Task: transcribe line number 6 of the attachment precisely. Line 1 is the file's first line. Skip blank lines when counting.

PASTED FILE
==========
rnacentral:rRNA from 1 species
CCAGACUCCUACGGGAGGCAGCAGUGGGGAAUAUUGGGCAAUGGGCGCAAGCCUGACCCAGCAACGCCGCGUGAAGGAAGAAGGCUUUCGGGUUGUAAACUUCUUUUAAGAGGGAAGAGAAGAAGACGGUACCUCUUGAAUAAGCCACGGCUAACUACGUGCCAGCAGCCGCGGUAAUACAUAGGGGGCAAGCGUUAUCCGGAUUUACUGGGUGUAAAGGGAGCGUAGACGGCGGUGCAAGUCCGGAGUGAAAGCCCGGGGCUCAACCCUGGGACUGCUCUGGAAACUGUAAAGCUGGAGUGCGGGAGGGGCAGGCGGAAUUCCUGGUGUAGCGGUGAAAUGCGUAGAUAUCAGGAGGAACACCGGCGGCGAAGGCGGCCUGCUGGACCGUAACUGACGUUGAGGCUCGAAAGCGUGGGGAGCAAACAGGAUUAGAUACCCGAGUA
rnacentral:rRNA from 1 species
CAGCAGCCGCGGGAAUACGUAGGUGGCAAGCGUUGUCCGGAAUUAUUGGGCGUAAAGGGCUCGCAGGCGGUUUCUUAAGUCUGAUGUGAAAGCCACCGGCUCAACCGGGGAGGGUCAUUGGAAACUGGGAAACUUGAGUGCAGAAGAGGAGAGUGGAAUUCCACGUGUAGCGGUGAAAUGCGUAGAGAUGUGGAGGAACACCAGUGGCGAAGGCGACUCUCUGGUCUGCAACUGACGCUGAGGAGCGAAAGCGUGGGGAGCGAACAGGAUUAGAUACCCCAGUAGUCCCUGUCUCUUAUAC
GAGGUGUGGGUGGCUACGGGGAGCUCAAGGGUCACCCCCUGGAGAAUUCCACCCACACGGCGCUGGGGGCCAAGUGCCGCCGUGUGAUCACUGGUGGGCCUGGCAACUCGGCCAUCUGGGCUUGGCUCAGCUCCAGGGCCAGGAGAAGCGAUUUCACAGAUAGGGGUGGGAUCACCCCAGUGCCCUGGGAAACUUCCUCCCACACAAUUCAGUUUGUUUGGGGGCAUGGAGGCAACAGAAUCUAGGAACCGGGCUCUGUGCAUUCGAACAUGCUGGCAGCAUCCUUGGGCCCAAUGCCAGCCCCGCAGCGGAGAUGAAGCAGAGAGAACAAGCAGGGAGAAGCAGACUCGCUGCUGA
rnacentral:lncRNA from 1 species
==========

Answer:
rnacentral:lncRNA from 1 species